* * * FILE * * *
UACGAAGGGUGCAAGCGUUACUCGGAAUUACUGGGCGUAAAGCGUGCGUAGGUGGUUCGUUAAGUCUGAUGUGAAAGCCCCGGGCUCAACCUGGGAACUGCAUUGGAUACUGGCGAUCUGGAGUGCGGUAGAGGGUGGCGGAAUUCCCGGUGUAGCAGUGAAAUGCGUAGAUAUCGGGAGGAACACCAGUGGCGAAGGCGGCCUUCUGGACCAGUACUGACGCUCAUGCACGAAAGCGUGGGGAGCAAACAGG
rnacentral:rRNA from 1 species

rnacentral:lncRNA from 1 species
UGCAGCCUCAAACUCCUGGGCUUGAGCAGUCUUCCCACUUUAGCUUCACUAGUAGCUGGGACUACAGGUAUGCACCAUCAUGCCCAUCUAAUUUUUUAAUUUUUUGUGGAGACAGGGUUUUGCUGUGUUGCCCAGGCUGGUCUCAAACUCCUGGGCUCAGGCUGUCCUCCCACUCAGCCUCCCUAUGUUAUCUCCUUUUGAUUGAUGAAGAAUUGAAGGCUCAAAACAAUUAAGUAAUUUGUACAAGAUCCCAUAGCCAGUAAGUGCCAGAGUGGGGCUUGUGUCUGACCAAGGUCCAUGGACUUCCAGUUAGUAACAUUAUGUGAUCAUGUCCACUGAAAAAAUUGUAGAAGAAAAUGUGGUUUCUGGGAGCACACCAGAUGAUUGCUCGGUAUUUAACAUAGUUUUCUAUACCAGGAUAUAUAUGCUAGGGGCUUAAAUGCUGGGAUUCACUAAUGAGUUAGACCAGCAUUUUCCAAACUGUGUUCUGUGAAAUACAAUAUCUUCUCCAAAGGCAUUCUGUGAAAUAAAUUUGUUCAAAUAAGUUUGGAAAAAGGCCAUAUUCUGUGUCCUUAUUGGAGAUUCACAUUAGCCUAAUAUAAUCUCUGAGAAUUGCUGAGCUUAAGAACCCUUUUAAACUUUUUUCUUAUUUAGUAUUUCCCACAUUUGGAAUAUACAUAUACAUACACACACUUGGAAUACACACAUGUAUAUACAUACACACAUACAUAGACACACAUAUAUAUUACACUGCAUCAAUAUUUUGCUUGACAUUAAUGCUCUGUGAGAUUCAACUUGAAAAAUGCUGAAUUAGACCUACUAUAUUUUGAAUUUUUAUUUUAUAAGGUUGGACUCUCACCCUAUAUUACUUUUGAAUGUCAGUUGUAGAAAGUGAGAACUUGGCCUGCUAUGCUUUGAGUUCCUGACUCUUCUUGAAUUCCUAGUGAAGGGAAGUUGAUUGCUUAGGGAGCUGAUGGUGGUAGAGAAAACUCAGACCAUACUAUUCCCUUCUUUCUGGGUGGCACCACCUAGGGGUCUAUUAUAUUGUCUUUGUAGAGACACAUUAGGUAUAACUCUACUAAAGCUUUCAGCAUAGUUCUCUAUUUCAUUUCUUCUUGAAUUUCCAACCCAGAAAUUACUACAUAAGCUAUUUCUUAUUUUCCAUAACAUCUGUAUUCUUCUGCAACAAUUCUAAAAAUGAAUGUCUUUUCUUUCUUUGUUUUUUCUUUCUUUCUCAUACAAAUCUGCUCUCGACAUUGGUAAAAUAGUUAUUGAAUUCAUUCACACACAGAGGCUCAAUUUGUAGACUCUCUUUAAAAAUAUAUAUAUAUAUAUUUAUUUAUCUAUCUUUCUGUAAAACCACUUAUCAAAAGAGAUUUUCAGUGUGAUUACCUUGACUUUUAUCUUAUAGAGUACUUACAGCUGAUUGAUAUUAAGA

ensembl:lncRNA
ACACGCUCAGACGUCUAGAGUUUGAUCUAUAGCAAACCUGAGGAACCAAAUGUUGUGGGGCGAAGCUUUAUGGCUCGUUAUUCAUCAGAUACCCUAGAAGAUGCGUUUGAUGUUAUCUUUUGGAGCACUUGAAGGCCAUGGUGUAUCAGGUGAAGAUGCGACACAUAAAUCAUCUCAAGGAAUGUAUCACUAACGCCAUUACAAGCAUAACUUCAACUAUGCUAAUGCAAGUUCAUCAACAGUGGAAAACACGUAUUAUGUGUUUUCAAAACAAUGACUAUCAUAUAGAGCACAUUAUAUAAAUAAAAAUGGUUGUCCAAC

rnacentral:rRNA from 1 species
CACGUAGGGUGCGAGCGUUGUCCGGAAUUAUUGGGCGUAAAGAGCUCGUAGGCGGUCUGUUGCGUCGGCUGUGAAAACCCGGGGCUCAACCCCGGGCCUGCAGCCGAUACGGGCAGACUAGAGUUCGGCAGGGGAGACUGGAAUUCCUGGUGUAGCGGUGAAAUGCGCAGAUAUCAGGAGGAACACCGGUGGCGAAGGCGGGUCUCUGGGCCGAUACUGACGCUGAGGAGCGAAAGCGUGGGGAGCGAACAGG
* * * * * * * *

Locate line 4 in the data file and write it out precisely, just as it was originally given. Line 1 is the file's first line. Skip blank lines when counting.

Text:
UGCAGCCUCAAACUCCUGGGCUUGAGCAGUCUUCCCACUUUAGCUUCACUAGUAGCUGGGACUACAGGUAUGCACCAUCAUGCCCAUCUAAUUUUUUAAUUUUUUGUGGAGACAGGGUUUUGCUGUGUUGCCCAGGCUGGUCUCAAACUCCUGGGCUCAGGCUGUCCUCCCACUCAGCCUCCCUAUGUUAUCUCCUUUUGAUUGAUGAAGAAUUGAAGGCUCAAAACAAUUAAGUAAUUUGUACAAGAUCCCAUAGCCAGUAAGUGCCAGAGUGGGGCUUGUGUCUGACCAAGGUCCAUGGACUUCCAGUUAGUAACAUUAUGUGAUCAUGUCCACUGAAAAAAUUGUAGAAGAAAAUGUGGUUUCUGGGAGCACACCAGAUGAUUGCUCGGUAUUUAACAUAGUUUUCUAUACCAGGAUAUAUAUGCUAGGGGCUUAAAUGCUGGGAUUCACUAAUGAGUUAGACCAGCAUUUUCCAAACUGUGUUCUGUGAAAUACAAUAUCUUCUCCAAAGGCAUUCUGUGAAAUAAAUUUGUUCAAAUAAGUUUGGAAAAAGGCCAUAUUCUGUGUCCUUAUUGGAGAUUCACAUUAGCCUAAUAUAAUCUCUGAGAAUUGCUGAGCUUAAGAACCCUUUUAAACUUUUUUCUUAUUUAGUAUUUCCCACAUUUGGAAUAUACAUAUACAUACACACACUUGGAAUACACACAUGUAUAUACAUACACACAUACAUAGACACACAUAUAUAUUACACUGCAUCAAUAUUUUGCUUGACAUUAAUGCUCUGUGAGAUUCAACUUGAAAAAUGCUGAAUUAGACCUACUAUAUUUUGAAUUUUUAUUUUAUAAGGUUGGACUCUCACCCUAUAUUACUUUUGAAUGUCAGUUGUAGAAAGUGAGAACUUGGCCUGCUAUGCUUUGAGUUCCUGACUCUUCUUGAAUUCCUAGUGAAGGGAAGUUGAUUGCUUAGGGAGCUGAUGGUGGUAGAGAAAACUCAGACCAUACUAUUCCCUUCUUUCUGGGUGGCACCACCUAGGGGUCUAUUAUAUUGUCUUUGUAGAGACACAUUAGGUAUAACUCUACUAAAGCUUUCAGCAUAGUUCUCUAUUUCAUUUCUUCUUGAAUUUCCAACCCAGAAAUUACUACAUAAGCUAUUUCUUAUUUUCCAUAACAUCUGUAUUCUUCUGCAACAAUUCUAAAAAUGAAUGUCUUUUCUUUCUUUGUUUUUUCUUUCUUUCUCAUACAAAUCUGCUCUCGACAUUGGUAAAAUAGUUAUUGAAUUCAUUCACACACAGAGGCUCAAUUUGUAGACUCUCUUUAAAAAUAUAUAUAUAUAUAUUUAUUUAUCUAUCUUUCUGUAAAACCACUUAUCAAAAGAGAUUUUCAGUGUGAUUACCUUGACUUUUAUCUUAUAGAGUACUUACAGCUGAUUGAUAUUAAGA